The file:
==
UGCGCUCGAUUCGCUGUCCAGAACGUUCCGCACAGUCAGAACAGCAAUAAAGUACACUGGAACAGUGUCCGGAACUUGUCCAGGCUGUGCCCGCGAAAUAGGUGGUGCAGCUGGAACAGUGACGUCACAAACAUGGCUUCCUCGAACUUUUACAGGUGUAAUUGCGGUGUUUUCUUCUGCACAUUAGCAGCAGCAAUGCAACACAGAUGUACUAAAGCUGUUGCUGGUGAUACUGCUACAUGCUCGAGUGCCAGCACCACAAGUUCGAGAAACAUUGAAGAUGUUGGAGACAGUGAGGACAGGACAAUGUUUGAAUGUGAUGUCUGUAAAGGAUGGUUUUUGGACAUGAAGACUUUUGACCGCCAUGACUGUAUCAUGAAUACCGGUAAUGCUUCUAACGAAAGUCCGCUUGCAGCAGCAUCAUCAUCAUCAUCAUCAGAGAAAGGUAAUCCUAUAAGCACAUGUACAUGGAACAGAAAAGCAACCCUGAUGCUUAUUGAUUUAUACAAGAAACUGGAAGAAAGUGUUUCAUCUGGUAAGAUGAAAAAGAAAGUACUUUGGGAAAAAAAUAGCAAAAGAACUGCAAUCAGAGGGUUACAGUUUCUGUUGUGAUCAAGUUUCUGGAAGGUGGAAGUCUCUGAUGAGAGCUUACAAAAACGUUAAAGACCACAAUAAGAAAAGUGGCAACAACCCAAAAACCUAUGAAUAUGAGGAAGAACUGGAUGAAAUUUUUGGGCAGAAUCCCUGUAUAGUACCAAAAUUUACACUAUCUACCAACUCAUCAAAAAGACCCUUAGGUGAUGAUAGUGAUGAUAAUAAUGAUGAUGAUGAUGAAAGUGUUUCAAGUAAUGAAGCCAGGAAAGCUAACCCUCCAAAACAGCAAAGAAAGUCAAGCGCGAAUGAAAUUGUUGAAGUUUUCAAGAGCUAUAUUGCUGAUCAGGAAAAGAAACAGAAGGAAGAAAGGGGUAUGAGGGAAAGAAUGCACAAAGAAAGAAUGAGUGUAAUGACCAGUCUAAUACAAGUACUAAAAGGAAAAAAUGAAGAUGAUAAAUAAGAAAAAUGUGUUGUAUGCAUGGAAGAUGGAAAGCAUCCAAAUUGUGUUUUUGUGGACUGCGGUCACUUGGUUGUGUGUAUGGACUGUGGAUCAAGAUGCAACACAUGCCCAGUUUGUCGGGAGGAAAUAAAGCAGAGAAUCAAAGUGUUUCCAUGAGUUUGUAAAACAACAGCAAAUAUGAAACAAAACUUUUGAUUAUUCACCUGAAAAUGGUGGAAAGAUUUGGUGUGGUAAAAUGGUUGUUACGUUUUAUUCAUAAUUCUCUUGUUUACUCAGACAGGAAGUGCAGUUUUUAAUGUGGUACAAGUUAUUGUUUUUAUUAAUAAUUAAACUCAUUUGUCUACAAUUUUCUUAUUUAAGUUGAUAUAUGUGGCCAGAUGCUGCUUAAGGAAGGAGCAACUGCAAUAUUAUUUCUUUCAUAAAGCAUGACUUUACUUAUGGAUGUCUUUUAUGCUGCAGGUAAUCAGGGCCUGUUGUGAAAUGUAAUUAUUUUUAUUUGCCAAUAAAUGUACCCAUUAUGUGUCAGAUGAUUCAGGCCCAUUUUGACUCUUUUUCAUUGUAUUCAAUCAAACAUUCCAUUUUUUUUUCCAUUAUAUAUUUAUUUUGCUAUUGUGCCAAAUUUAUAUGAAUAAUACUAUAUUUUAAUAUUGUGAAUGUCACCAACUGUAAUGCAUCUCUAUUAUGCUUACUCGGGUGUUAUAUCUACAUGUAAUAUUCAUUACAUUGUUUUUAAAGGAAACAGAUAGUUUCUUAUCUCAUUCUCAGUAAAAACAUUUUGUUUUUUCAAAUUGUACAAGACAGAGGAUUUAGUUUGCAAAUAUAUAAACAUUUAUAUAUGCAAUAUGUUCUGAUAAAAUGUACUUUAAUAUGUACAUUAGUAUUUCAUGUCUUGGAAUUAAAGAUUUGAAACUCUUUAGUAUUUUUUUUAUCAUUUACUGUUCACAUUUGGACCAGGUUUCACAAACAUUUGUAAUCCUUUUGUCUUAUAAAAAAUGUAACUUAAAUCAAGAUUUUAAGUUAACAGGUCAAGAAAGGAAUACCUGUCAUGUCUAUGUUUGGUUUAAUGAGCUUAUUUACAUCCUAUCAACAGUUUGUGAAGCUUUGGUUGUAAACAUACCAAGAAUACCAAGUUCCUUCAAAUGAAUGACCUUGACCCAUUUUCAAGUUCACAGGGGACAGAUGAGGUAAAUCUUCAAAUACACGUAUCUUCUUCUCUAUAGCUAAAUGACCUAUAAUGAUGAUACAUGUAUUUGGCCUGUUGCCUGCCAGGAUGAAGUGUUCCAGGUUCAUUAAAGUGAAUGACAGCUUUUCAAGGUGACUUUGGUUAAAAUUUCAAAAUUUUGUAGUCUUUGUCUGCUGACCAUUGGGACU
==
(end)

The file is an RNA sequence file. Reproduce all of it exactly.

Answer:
UGCGCUCGAUUCGCUGUCCAGAACGUUCCGCACAGUCAGAACAGCAAUAAAGUACACUGGAACAGUGUCCGGAACUUGUCCAGGCUGUGCCCGCGAAAUAGGUGGUGCAGCUGGAACAGUGACGUCACAAACAUGGCUUCCUCGAACUUUUACAGGUGUAAUUGCGGUGUUUUCUUCUGCACAUUAGCAGCAGCAAUGCAACACAGAUGUACUAAAGCUGUUGCUGGUGAUACUGCUACAUGCUCGAGUGCCAGCACCACAAGUUCGAGAAACAUUGAAGAUGUUGGAGACAGUGAGGACAGGACAAUGUUUGAAUGUGAUGUCUGUAAAGGAUGGUUUUUGGACAUGAAGACUUUUGACCGCCAUGACUGUAUCAUGAAUACCGGUAAUGCUUCUAACGAAAGUCCGCUUGCAGCAGCAUCAUCAUCAUCAUCAUCAGAGAAAGGUAAUCCUAUAAGCACAUGUACAUGGAACAGAAAAGCAACCCUGAUGCUUAUUGAUUUAUACAAGAAACUGGAAGAAAGUGUUUCAUCUGGUAAGAUGAAAAAGAAAGUACUUUGGGAAAAAAAUAGCAAAAGAACUGCAAUCAGAGGGUUACAGUUUCUGUUGUGAUCAAGUUUCUGGAAGGUGGAAGUCUCUGAUGAGAGCUUACAAAAACGUUAAAGACCACAAUAAGAAAAGUGGCAACAACCCAAAAACCUAUGAAUAUGAGGAAGAACUGGAUGAAAUUUUUGGGCAGAAUCCCUGUAUAGUACCAAAAUUUACACUAUCUACCAACUCAUCAAAAAGACCCUUAGGUGAUGAUAGUGAUGAUAAUAAUGAUGAUGAUGAUGAAAGUGUUUCAAGUAAUGAAGCCAGGAAAGCUAACCCUCCAAAACAGCAAAGAAAGUCAAGCGCGAAUGAAAUUGUUGAAGUUUUCAAGAGCUAUAUUGCUGAUCAGGAAAAGAAACAGAAGGAAGAAAGGGGUAUGAGGGAAAGAAUGCACAAAGAAAGAAUGAGUGUAAUGACCAGUCUAAUACAAGUACUAAAAGGAAAAAAUGAAGAUGAUAAAUAAGAAAAAUGUGUUGUAUGCAUGGAAGAUGGAAAGCAUCCAAAUUGUGUUUUUGUGGACUGCGGUCACUUGGUUGUGUGUAUGGACUGUGGAUCAAGAUGCAACACAUGCCCAGUUUGUCGGGAGGAAAUAAAGCAGAGAAUCAAAGUGUUUCCAUGAGUUUGUAAAACAACAGCAAAUAUGAAACAAAACUUUUGAUUAUUCACCUGAAAAUGGUGGAAAGAUUUGGUGUGGUAAAAUGGUUGUUACGUUUUAUUCAUAAUUCUCUUGUUUACUCAGACAGGAAGUGCAGUUUUUAAUGUGGUACAAGUUAUUGUUUUUAUUAAUAAUUAAACUCAUUUGUCUACAAUUUUCUUAUUUAAGUUGAUAUAUGUGGCCAGAUGCUGCUUAAGGAAGGAGCAACUGCAAUAUUAUUUCUUUCAUAAAGCAUGACUUUACUUAUGGAUGUCUUUUAUGCUGCAGGUAAUCAGGGCCUGUUGUGAAAUGUAAUUAUUUUUAUUUGCCAAUAAAUGUACCCAUUAUGUGUCAGAUGAUUCAGGCCCAUUUUGACUCUUUUUCAUUGUAUUCAAUCAAACAUUCCAUUUUUUUUUCCAUUAUAUAUUUAUUUUGCUAUUGUGCCAAAUUUAUAUGAAUAAUACUAUAUUUUAAUAUUGUGAAUGUCACCAACUGUAAUGCAUCUCUAUUAUGCUUACUCGGGUGUUAUAUCUACAUGUAAUAUUCAUUACAUUGUUUUUAAAGGAAACAGAUAGUUUCUUAUCUCAUUCUCAGUAAAAACAUUUUGUUUUUUCAAAUUGUACAAGACAGAGGAUUUAGUUUGCAAAUAUAUAAACAUUUAUAUAUGCAAUAUGUUCUGAUAAAAUGUACUUUAAUAUGUACAUUAGUAUUUCAUGUCUUGGAAUUAAAGAUUUGAAACUCUUUAGUAUUUUUUUUAUCAUUUACUGUUCACAUUUGGACCAGGUUUCACAAACAUUUGUAAUCCUUUUGUCUUAUAAAAAAUGUAACUUAAAUCAAGAUUUUAAGUUAACAGGUCAAGAAAGGAAUACCUGUCAUGUCUAUGUUUGGUUUAAUGAGCUUAUUUACAUCCUAUCAACAGUUUGUGAAGCUUUGGUUGUAAACAUACCAAGAAUACCAAGUUCCUUCAAAUGAAUGACCUUGACCCAUUUUCAAGUUCACAGGGGACAGAUGAGGUAAAUCUUCAAAUACACGUAUCUUCUUCUCUAUAGCUAAAUGACCUAUAAUGAUGAUACAUGUAUUUGGCCUGUUGCCUGCCAGGAUGAAGUGUUCCAGGUUCAUUAAAGUGAAUGACAGCUUUUCAAGGUGACUUUGGUUAAAAUUUCAAAAUUUUGUAGUCUUUGUCUGCUGACCAUUGGGACU